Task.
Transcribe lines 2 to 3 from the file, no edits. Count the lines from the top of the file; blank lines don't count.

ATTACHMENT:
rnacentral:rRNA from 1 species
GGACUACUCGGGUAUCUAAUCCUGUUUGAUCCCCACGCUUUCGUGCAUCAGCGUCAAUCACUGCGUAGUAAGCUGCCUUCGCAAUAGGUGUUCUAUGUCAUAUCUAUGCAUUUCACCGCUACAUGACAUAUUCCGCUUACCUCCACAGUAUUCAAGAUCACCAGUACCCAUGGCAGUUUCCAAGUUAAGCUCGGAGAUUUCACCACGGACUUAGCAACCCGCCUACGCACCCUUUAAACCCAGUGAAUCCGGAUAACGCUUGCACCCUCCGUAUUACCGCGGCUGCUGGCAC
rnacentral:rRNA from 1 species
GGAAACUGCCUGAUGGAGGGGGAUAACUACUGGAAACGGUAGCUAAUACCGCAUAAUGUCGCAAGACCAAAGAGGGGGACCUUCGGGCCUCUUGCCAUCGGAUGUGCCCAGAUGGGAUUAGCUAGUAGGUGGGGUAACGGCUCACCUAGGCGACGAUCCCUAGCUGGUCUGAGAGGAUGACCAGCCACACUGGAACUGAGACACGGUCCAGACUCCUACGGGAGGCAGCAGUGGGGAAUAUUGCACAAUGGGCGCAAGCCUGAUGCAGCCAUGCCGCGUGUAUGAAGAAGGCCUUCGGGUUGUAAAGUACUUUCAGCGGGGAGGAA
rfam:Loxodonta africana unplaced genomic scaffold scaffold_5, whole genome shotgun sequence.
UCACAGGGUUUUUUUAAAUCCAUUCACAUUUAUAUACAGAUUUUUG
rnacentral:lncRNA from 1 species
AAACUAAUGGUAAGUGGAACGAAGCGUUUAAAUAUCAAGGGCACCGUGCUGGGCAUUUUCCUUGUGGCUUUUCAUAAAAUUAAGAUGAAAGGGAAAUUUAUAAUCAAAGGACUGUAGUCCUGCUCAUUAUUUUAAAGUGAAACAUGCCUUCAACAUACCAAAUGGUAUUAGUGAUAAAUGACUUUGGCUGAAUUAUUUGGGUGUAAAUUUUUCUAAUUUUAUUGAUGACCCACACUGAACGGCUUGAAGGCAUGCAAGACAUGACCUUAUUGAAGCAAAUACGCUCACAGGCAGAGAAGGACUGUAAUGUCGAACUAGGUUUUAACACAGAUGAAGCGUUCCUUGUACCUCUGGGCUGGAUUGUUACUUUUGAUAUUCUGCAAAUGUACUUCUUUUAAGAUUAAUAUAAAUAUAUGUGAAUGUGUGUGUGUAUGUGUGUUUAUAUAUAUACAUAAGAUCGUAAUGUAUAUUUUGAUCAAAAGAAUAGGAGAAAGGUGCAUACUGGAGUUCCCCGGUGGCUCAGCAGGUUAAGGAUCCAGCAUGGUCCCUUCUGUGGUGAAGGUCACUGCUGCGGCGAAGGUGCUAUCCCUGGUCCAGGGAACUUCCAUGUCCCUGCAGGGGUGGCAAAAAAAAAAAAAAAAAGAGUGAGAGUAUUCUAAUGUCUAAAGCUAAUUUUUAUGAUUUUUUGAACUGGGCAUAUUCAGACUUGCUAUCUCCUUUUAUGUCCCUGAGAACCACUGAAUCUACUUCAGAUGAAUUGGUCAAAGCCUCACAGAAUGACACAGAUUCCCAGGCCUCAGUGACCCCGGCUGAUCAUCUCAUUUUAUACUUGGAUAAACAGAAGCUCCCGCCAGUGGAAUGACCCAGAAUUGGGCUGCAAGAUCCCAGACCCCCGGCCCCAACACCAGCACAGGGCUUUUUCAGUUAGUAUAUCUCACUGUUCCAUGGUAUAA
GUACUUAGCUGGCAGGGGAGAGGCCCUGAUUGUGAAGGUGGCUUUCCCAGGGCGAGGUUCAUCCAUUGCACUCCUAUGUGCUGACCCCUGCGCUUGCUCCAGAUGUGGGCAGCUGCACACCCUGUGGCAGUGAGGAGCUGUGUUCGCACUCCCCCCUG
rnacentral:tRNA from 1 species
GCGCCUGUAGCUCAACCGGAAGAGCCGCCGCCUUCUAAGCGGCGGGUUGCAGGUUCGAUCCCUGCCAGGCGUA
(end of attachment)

GGACUACUCGGGUAUCUAAUCCUGUUUGAUCCCCACGCUUUCGUGCAUCAGCGUCAAUCACUGCGUAGUAAGCUGCCUUCGCAAUAGGUGUUCUAUGUCAUAUCUAUGCAUUUCACCGCUACAUGACAUAUUCCGCUUACCUCCACAGUAUUCAAGAUCACCAGUACCCAUGGCAGUUUCCAAGUUAAGCUCGGAGAUUUCACCACGGACUUAGCAACCCGCCUACGCACCCUUUAAACCCAGUGAAUCCGGAUAACGCUUGCACCCUCCGUAUUACCGCGGCUGCUGGCAC
rnacentral:rRNA from 1 species